Sunderland moved within touching distance of Premier League survival with a 1-0 victory at Old Trafford to halt Manchester United’s most temporary of revivals under the charge of Ryan Giggs.
For United it was more of what has been seen for much of the season under David Moyes rather than the improvement witnessed in last week’s demolition of Norwich and hopes for a quick return to the glory days of which Giggs was such a big part on the pitch. A lackluster performance saw a properly rejuvenated Sunderland get the only goal through a fine Sebastian Larsson volley on the half-hour mark. The win could have been made far more comfortable had efforts from Emanuele Giaccherini and Fabio Borini been a couple of inches either way and found the net rather than the woodwork. But with United spurning what precious few chances they did create in the second half, Sunderland were able to hold on without undue drama for another massive three points.
Bottom of the Premier League just two weeks ago, Sunderland could now be safe with two matches to spare if Norwich City fall to defeat at Chelsea on Sunday. In an unenviable run of fixtures, Gus Poyet’s side have been superb, getting a point at Manchester City, before winning at Chelsea, breezing past Cardiff and now getting the better of the champions.
It was Sunderland’s first victory at Old Trafford since 1968 as the Wearsiders became the latest team to take advantage of the chance to end a long winless streak at the Theatre of Dreams. The defeat was United's seventh at Old Trafford, the most they have suffered since they were last relegated from the top flight in 1974, and drums home the scale of the team’s decline this campaign.
Manchester United, who were missing Wayne Rooney through injury and illness, attempted to take the initiative early, with all their early attacks coming down the right side. Ashley Young was lively, but whether it be down to poor crosses or the failure of players to take a chance at the near post, the hosts failed to create anything of note. With Nani at his most wasteful, Juan Mata unable to find space and Javier Hernandez’s ability to play on the shoulder of the last defender hampered by Sunderland’s defense sitting deep, the visitors were having a comfortable afternoon.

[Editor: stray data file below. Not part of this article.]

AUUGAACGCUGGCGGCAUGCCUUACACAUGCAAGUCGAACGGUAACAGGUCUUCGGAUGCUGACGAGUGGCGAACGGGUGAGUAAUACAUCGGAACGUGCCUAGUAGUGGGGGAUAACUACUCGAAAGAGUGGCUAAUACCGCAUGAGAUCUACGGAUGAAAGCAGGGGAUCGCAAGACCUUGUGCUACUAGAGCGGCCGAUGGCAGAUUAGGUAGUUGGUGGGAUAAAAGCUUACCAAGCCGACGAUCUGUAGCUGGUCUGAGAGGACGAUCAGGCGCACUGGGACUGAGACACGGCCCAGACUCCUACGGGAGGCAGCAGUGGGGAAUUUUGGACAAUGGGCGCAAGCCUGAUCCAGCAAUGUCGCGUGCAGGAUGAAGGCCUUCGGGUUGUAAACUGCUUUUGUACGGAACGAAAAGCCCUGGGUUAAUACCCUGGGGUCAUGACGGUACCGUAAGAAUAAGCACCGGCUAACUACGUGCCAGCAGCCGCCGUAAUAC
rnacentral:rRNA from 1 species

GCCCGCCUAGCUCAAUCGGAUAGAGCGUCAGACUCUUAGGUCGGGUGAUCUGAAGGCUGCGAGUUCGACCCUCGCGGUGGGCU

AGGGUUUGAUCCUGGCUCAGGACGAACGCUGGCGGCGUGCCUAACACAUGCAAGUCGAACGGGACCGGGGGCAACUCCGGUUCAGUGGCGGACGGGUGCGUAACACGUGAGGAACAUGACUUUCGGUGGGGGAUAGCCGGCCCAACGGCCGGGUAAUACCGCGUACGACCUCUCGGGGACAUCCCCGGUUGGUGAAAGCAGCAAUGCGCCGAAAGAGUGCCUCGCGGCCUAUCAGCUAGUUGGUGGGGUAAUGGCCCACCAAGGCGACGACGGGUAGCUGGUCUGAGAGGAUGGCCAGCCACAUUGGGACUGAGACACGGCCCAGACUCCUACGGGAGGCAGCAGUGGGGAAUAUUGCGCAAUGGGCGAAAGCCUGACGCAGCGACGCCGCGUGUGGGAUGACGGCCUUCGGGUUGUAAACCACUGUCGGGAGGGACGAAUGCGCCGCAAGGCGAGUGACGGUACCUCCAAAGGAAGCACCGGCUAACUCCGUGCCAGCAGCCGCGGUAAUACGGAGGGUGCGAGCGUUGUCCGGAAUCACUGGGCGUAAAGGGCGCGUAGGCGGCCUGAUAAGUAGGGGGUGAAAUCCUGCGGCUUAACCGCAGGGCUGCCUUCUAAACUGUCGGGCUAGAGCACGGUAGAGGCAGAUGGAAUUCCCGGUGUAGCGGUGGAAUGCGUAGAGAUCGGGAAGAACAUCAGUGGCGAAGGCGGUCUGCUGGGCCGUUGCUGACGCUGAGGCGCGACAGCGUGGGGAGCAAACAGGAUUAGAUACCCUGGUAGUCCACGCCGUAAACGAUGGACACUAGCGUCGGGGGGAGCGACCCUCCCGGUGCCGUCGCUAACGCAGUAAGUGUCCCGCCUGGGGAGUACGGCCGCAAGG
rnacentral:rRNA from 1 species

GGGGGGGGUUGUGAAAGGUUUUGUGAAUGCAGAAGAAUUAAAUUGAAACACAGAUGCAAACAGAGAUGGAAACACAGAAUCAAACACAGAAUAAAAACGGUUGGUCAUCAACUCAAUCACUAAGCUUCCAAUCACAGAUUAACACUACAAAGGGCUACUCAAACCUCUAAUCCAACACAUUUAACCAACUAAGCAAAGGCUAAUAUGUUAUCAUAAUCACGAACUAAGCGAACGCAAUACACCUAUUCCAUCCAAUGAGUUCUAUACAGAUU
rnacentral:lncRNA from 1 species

The only moments of danger came when Nani’s one positive contribution saw him fire just over the bar after a rare injection of pace into the United attack, while John O’Shea was close to getting a goal for his former club with a mishit clearance. But Giggs’s side became increasingly ponderous and Sunderland became ever more assured as they looked to make it back-to-back memorable away wins.
Although they hadn’t created a chance to that point, with 30 minutes played they went in front. United’s lackluster play was a big factor in them falling behind. First, Darren Fletcher stepped away to allow recent goal-scoring hero Connor Wickham to put in a hopeful cross from the right, before his fellow midfielder Michael Carrick, poor throughout, allowed Larsson to run off him and place a cleanly struck volley into the bottom corner of the net from 12 yards.
Giggs switched Nani and Young over after going behind, but it did little to lift the side. A well-struck effort from Mata that was held by Vito Mannone was the best they could muster before the interval.
United had improved considerably after half-time in last week’s 4-0 win over Norwich City and there were some early signs of that once more. Hernandez was just unable to get to a Patrice Evra cross first at the near post, while Nemanja Vidic headed wide. With Sunderland having seen off that initial brief revival, Giggs turned to Adnan Januzaj followed by Danny Welbeck and the fit again Robin van Persie.
Although Januzaj had some positive touches, there was no late bombardment from United. Van Persie turning a low cross wide of the near post was the closest they came. In contrast, Sunderland could easily have extended their lead.
Giaccherini struck a good low shot against the post before, with David de Gea again unmoved, Borini cut in from the right of the box and curled an effort against the crossbar. Those near-misses were to prove inconsequential to allow Poyet to celebrate intensely and justifiably at the final whistle for what looks like being one of the Premier League’s greatest escapes.